They can return to school, college or childcare when they no longer have a high temperature and are well enough.

Free symptomatic testing will be provided for patients in hospital, where a PCR test is required for their care and to provide access to treatment, as well as supporting clinical surveillance for new variants.

Testing will also be available for people who are eligible for community Covid treatments because they are at higher risk of becoming seriously ill.

This group will be contacted directly and sent lateral flow tests to keep at home if they have symptoms and told how to reorder tests.

Those living or working in high-risk settings including care homes, hospices and prisons will receive free tests.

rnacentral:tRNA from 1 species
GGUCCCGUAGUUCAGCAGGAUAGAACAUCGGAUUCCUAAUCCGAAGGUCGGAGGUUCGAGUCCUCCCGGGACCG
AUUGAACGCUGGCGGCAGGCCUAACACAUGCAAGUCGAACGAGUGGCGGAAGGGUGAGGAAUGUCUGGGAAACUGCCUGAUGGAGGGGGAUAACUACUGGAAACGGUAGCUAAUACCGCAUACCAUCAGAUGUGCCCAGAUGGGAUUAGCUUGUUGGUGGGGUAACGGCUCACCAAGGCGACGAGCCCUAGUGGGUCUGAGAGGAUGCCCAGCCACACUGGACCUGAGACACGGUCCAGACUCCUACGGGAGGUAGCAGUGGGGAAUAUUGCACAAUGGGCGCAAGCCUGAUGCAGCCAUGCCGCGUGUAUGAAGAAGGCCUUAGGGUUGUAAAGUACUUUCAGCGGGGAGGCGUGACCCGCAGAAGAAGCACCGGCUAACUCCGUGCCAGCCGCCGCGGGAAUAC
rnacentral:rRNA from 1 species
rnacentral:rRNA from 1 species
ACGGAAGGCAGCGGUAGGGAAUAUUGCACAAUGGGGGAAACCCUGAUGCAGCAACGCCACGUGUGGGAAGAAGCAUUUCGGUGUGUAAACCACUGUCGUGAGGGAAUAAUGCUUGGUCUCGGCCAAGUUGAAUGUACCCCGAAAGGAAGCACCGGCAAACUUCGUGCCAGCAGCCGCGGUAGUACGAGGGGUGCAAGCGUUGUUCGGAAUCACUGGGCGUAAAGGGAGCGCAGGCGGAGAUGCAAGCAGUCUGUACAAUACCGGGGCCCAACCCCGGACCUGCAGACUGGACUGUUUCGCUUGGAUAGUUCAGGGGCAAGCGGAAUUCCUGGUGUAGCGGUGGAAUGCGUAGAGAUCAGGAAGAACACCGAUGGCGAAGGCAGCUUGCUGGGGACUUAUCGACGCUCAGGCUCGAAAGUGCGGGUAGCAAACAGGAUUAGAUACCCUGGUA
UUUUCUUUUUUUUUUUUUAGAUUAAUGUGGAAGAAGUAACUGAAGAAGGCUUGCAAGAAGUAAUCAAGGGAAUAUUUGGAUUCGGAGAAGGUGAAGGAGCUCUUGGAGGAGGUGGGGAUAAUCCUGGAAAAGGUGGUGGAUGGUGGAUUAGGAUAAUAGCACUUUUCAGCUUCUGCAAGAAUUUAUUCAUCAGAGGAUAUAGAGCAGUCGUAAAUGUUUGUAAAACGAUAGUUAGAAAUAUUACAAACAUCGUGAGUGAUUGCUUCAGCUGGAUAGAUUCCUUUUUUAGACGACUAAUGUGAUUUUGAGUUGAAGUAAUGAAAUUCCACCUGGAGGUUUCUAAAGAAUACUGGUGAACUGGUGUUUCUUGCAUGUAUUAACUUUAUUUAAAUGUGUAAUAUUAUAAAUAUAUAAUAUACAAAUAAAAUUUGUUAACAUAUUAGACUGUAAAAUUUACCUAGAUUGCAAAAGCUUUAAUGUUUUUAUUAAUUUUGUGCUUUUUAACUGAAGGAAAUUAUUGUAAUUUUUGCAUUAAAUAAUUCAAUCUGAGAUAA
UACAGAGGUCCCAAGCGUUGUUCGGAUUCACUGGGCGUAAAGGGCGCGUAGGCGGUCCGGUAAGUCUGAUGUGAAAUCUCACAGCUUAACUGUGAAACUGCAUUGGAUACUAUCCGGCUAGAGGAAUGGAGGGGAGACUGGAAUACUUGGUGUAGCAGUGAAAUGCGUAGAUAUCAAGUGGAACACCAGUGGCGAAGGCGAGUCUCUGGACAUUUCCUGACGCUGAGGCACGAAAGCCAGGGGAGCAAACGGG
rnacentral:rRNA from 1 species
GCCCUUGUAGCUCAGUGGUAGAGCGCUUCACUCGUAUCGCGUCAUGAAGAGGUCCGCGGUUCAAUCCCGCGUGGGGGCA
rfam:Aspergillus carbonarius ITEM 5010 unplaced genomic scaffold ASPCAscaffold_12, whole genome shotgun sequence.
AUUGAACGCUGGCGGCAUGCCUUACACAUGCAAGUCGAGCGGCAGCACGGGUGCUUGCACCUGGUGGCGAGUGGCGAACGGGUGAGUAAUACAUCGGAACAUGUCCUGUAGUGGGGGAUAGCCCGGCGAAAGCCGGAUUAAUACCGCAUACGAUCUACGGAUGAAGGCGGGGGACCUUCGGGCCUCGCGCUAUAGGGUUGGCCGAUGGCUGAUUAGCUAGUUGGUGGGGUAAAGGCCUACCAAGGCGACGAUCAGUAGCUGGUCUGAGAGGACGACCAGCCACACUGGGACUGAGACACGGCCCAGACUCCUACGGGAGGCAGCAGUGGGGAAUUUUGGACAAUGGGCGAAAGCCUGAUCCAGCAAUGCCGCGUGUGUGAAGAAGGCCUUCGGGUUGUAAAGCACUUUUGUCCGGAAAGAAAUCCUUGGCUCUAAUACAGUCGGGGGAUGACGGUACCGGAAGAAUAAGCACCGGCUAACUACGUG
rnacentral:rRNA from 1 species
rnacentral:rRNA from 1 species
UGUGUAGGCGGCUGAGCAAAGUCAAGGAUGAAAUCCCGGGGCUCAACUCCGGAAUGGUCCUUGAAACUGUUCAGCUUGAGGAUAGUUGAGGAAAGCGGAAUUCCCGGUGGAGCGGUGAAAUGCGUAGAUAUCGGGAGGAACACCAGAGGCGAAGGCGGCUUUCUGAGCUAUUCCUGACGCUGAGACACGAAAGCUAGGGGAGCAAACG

And people will be tested before being discharged from hospital into care homes, hospices, shelters and refuges.

‘Vaccines remain our best defence’

UK’s lateral flow shortage sees sales soar FIVE-FOLD in a week at High St pharmacists as Brits scramble to get free tests before they’re scrapped on Friday… so how much WILL chains sell them for?

Britain’s scramble for the last remaining free supplies of lateral flow tests has seen sales of the rapid devices soar five-fold in a week at High Street pharmacies.

LloydsPharmacy is already selling the Covid tests, despite free ones being available on the Government’s website until Friday.

But scores of Britons have complained about being unable to get hold of any kits through the official ordering channel over the past fortnight.

Struggles accessing the devices — which formed a major part of the UK’s Covid-fighting strategy — have allowed major retailers to cash in.